I speak on behalf of TFN’s team in saying that we are committed to centering racial justice in our work. And we are likewise committed to helping our members and partners navigate potential fallout from the recent Supreme Court ruling and other attempts to roll back progress and water down challenges to systemic racism.

That commitment is foundational to our work, which includes varied but intersecting funder focus areas such as climate action, transportation and land use policies, urban water strategies, disaster resilience, and economic injustice.

The Road to Justice

It was some comfort that I was surrounded by an amazing group of highly engaged and passionate funders when the court issued its ruling. We had gathered at Morehouse for TFN's 2023 Inclusive Economies Meeting: Pathways to Power & Prosperity, a two-day event designed to deepen understanding of systemic challenges to opportunity, examine effective and equitable funding strategies and explore collaborations that drive change.

I am grateful to my friend, Judge Glenda Hatchett — a Mount Holyoke College alumna —  who stopped by to visit our Inclusive Economies gathering. In impassioned and impromptu remarks, she shared the extraordinary journey of Horace T. Ward, a graduate of Morehouse College, who was denied admission into the all-white University of Georgia Law School in 1950. He later became the first African American to serve on the federal bench in Georgia. In telling his story, Judge Hatchett reminded us that the Supreme Court’s decision on affirmative action is just another obstacle we can and will overcome on the road toward justice.

Stronger Together

Last week, TFN participated in a check-in call with other philanthropy serving organizations, organized by the United Philanthropy Forum, to process and strategize next steps in the wake of the ruling. As part of the briefing, we heard from ABFE, which is working with other identity-based PSOs — such as Native Americans in PhilanthropyAsian Americans/Pacific Islanders in Philanthropy, and Hispanics in Philanthropy — to craft a collective strategy.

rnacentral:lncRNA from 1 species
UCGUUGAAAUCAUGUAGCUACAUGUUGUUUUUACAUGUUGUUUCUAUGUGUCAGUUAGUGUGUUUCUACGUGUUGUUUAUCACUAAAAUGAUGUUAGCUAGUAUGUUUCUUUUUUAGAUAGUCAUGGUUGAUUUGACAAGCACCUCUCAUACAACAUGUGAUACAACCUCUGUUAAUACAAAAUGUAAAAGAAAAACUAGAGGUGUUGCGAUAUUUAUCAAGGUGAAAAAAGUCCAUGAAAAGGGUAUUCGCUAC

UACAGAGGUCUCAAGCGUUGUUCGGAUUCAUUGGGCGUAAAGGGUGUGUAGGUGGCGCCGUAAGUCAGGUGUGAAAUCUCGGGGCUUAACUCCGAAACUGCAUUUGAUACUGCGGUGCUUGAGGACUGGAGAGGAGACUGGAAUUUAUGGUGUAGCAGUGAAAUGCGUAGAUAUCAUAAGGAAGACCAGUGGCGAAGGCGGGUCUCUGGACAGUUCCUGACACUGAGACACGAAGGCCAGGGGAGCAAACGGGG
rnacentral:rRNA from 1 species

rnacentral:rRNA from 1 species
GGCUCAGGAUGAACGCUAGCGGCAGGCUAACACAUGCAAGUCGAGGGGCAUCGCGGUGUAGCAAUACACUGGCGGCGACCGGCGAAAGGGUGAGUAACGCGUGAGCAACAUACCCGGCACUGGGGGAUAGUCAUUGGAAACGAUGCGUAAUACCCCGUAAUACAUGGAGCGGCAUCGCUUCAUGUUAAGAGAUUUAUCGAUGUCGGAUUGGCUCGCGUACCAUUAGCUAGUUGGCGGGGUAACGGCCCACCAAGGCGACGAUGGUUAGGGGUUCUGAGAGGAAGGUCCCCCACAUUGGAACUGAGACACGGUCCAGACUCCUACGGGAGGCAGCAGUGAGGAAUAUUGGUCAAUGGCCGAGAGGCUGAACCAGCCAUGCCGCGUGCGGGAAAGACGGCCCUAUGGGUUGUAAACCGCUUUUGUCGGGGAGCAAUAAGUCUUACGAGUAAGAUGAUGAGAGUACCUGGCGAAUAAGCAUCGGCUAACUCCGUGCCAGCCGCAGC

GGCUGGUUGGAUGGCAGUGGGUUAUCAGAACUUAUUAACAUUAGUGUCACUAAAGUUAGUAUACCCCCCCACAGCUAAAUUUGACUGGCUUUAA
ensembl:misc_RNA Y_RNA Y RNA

We look forward to engaging with them on this effort and sharing resources and calls-to-action with TFN's community of funders and partners.

This recent Supreme Court decision is momentous, but not singular. It is part of an escalating effort to undo decades of progress around racial justice and bodily autonomy. One has only to look at TFN's home state of Florida, where LGBTQ+ rights are under assault, books are being banned from classrooms, and public colleges and universities are now forbidden from spending money on diversity, equity and inclusion programs.

Many of you are seeing similar conflicts playing out in your states, cities and school boards.

I encourage our community of funders to use their positions of trust and influence to advocate against these efforts. I also encourage you to continue to support leadership pipelines for people of color and other marginalized groups, including community-led nonprofits, grassroots organizations and chronically underfunded historically Black colleges and universities (HBCUs).

And I welcome you to share your own strategies, concerns and ways TFN can be of service to our collective goal of creating more equitable and just.

Additional Resources & Reactions

TFN is compiling reactions and resources from the philanthropic sector. Please reach out if you or your organization have additional links to share. 

ABFE | Statement in Response to the US Supreme Court’s Affirmative Action Ruling

Barr Foundation | Undeterred, Our Work Continues

California Wellness Foundation | Cal Wellness Denounces SCOTUS Decision on Affirmative Action

The Annie E. Casey Foundation | Casey’s Response to the Supreme Court’s Affirmative Action Decision

Hispanics in Philanthropy | Injustice Unmasked

W. K. Kellogg Foundation | Statement on Affirmative Action Ruling & Additional Resources

The Kresge Foundation | College admissions affirmative action case won’t sway our dedication to equity

Latino Community Foundation | A Setback But We Will Press Forward, Together

McKnight Foundation | Statement in Response to Supreme Court Affirmative Action Ruling

Surdna Foundation | Surdna’s Unwavering Commitment to Advancing Racial Justice in America’s Communities

Featured Image: Artwork on display at Atlanta's Morehouse College, site of TFN's 2023 Inclusive Economies meeting. 

Partners for Places Matching Grants: 10 U.S. communities receive more than $2.5 million for sustainability projects & climate action


Diverting food waste from a local landfill by turning it into fertile soil for neighborhood gardens.

Converting the site of a shuttered primary school into a much-needed community park.

Working with Native American high schoolers to create an interactive story map of schoolyard green spaces that celebrates their Indigenous histories and connections to the land.

These are just a few of the projects that will be supported by the latest round of Partners for Places grants, a joint initiative of The Funders Network and the Urban Sustainability Directors Network, which help fund efforts to create more equitable and resilient communities across the U.S.